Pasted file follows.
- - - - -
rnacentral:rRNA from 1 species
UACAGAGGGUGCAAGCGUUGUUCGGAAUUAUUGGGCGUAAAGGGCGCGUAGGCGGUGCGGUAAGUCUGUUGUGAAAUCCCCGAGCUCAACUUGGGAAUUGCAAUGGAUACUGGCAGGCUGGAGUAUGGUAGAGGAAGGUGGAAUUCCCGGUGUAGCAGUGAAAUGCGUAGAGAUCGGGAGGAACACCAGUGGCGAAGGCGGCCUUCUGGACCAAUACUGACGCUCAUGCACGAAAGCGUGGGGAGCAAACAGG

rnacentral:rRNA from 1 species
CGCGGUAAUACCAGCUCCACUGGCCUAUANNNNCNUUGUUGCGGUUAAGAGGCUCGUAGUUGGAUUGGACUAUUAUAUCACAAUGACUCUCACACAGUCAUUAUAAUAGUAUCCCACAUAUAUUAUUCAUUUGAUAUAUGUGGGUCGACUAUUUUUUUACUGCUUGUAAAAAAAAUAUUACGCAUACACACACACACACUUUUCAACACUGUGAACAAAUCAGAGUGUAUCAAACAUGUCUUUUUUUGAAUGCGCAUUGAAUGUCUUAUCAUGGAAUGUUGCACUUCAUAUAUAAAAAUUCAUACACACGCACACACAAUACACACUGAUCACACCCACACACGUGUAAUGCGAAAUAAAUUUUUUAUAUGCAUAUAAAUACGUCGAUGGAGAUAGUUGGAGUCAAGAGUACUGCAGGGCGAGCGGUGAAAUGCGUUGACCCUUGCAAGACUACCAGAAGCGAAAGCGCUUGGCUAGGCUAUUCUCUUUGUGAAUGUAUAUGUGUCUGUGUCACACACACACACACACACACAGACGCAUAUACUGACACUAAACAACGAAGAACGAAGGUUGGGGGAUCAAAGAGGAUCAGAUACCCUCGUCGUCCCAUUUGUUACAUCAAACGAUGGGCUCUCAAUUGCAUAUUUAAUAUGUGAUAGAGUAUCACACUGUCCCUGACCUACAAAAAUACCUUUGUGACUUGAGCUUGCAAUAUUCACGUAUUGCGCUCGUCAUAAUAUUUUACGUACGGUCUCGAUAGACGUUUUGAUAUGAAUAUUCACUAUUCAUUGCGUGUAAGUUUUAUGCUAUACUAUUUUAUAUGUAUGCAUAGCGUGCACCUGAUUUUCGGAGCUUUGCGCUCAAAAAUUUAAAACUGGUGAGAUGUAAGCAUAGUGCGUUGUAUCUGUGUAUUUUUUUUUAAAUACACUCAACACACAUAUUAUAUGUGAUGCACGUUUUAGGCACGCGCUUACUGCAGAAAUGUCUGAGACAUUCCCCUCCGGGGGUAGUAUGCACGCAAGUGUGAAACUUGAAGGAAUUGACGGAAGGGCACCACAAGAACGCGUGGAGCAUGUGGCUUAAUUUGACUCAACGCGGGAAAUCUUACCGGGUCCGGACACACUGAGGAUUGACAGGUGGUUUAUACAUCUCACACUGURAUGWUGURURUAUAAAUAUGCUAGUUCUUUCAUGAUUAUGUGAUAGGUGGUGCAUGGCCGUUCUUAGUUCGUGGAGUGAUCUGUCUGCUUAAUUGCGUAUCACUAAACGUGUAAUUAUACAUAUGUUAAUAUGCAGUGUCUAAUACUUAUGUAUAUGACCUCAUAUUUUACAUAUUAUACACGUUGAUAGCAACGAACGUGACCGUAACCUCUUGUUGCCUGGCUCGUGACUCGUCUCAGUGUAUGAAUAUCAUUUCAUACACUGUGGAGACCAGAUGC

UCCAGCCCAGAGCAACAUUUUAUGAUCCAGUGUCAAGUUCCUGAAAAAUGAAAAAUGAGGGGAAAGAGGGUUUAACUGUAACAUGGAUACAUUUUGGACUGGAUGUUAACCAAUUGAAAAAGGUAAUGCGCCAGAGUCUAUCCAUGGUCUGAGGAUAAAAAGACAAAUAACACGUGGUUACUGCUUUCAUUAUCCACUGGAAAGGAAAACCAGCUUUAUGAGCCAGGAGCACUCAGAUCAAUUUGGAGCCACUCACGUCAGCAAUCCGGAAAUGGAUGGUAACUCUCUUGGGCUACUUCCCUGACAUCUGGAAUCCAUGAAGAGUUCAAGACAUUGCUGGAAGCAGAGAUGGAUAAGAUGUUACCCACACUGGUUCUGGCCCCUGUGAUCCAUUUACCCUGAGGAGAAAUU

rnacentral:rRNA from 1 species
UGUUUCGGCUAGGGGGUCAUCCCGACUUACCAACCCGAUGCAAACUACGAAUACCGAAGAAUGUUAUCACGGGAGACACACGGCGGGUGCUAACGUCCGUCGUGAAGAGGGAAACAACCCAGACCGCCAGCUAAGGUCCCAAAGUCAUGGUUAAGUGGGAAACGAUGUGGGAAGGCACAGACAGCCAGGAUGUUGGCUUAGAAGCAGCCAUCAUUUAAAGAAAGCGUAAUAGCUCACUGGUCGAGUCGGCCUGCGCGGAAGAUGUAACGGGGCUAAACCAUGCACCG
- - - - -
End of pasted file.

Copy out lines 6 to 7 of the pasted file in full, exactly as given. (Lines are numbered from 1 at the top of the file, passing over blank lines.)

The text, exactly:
rnacentral:rRNA from 1 species
UGUUUCGGCUAGGGGGUCAUCCCGACUUACCAACCCGAUGCAAACUACGAAUACCGAAGAAUGUUAUCACGGGAGACACACGGCGGGUGCUAACGUCCGUCGUGAAGAGGGAAACAACCCAGACCGCCAGCUAAGGUCCCAAAGUCAUGGUUAAGUGGGAAACGAUGUGGGAAGGCACAGACAGCCAGGAUGUUGGCUUAGAAGCAGCCAUCAUUUAAAGAAAGCGUAAUAGCUCACUGGUCGAGUCGGCCUGCGCGGAAGAUGUAACGGGGCUAAACCAUGCACCG